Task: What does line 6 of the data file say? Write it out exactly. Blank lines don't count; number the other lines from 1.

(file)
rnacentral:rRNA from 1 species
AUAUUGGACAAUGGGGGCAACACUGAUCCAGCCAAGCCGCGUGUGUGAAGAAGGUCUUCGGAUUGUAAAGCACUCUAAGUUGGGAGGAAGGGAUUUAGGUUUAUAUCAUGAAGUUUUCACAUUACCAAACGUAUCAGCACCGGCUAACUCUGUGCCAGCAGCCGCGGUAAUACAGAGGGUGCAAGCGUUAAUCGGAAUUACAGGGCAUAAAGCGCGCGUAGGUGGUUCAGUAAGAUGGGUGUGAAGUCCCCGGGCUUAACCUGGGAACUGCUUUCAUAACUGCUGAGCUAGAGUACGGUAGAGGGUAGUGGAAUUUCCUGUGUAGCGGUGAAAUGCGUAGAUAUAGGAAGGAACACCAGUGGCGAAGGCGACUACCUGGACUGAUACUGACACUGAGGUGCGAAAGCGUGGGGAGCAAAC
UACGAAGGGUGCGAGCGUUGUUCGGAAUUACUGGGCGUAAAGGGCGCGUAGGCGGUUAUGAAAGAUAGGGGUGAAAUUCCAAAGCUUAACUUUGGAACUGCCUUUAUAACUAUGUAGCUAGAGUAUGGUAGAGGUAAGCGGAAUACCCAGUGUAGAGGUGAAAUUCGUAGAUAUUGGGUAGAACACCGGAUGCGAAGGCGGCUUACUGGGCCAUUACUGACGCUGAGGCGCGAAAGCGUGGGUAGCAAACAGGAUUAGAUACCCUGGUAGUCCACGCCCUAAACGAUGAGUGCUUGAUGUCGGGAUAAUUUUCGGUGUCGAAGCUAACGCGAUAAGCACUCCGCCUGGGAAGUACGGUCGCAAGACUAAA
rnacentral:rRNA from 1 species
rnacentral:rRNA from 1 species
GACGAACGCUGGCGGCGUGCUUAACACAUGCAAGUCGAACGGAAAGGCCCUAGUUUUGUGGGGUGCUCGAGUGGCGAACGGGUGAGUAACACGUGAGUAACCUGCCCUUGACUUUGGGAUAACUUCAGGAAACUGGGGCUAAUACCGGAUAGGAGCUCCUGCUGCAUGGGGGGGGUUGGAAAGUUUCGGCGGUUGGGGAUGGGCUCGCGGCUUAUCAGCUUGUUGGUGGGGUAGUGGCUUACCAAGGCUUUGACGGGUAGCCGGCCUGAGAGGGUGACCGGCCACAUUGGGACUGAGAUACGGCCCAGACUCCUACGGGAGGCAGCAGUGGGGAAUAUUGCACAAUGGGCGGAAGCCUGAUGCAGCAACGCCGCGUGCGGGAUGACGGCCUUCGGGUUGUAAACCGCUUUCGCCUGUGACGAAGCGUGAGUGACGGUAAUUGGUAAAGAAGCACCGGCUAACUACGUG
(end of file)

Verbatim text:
GACGAACGCUGGCGGCGUGCUUAACACAUGCAAGUCGAACGGAAAGGCCCUAGUUUUGUGGGGUGCUCGAGUGGCGAACGGGUGAGUAACACGUGAGUAACCUGCCCUUGACUUUGGGAUAACUUCAGGAAACUGGGGCUAAUACCGGAUAGGAGCUCCUGCUGCAUGGGGGGGGUUGGAAAGUUUCGGCGGUUGGGGAUGGGCUCGCGGCUUAUCAGCUUGUUGGUGGGGUAGUGGCUUACCAAGGCUUUGACGGGUAGCCGGCCUGAGAGGGUGACCGGCCACAUUGGGACUGAGAUACGGCCCAGACUCCUACGGGAGGCAGCAGUGGGGAAUAUUGCACAAUGGGCGGAAGCCUGAUGCAGCAACGCCGCGUGCGGGAUGACGGCCUUCGGGUUGUAAACCGCUUUCGCCUGUGACGAAGCGUGAGUGACGGUAAUUGGUAAAGAAGCACCGGCUAACUACGUG